In a recent study published in the British Journal of Nutrition, researchers found that excess egg consumption can increase your risk of diabetes.
They examined egg consumption in a large sample of Chinese adults and found that people who regularly consumed one or more eggs per day (equivalent to 50 grams) increased their risk of diabetes by 60%.
The research is from the University of South Australia and elsewhere. One author is Dr. Ming Li.
Diet is a known and modifiable factor that contributes to the onset of Type 2 diabetes, so understanding the range of dietary factors that might impact the growing prevalence of the disease is important.
Eggs are a popular breakfast food the world over. Yet the health benefits of the humble egg have not been fully established.
Over the past few decades, China has undergone a substantial nutritional transition that’s seen many people move away from a traditional diet comprising grains and vegetables, to a more processed diet that includes greater amounts of meat, snacks, and energy-dense food.
At the same time, egg consumption has also been steadily increasing; from 1991 to 2009, the number of people eating eggs in China nearly doubled.
While the association between eating eggs and diabetes is often debated, this study focused on people’s long-term egg consumption of eggs and their risk of developing diabetes, as determined by fasting blood glucose.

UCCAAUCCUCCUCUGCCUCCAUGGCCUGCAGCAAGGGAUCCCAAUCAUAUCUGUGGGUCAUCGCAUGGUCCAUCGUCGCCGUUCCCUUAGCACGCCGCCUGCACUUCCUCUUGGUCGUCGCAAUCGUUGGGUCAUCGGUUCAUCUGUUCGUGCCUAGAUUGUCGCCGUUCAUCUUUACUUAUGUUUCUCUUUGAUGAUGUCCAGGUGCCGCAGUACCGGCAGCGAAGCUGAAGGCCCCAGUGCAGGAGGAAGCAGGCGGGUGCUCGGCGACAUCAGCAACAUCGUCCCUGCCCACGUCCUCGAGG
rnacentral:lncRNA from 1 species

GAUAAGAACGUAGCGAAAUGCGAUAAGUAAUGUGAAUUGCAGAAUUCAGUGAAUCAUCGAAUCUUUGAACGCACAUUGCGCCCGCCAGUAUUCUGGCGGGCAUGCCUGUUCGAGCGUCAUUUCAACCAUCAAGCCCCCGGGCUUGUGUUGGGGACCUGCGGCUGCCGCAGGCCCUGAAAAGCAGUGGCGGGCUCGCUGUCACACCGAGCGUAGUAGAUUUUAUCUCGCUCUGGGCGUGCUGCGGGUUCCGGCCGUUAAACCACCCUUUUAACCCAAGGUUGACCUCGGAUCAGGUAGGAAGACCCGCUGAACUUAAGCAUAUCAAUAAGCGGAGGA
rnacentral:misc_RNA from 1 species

The team found that higher long-term egg consumption (greater than 38 grams per day) increased the risk of diabetes among adults by approximately 25%.
Furthermore, adults who regularly ate a lot of eggs (over 50 grams, or equivalent to one egg, per day) had an increased risk of diabetes by 60%.
The effect was also more pronounced in women than in men.
While these results suggest that higher egg consumption is positively linked to the risk of diabetes in adults, the team says more research is needed to explore causal relationships.
If you care about diabetes, please read studies about doing this can lower diabetes risk in obese older people and findings of standing linked to better insulin function, may help prevent type 2 diabetes.
For more information about diabetes and your health, please see recent studies about which is the best way to reduce diabetes risk: Diet or exercise? and results showing that popular diabetes drugs can help prevent this eye disease.
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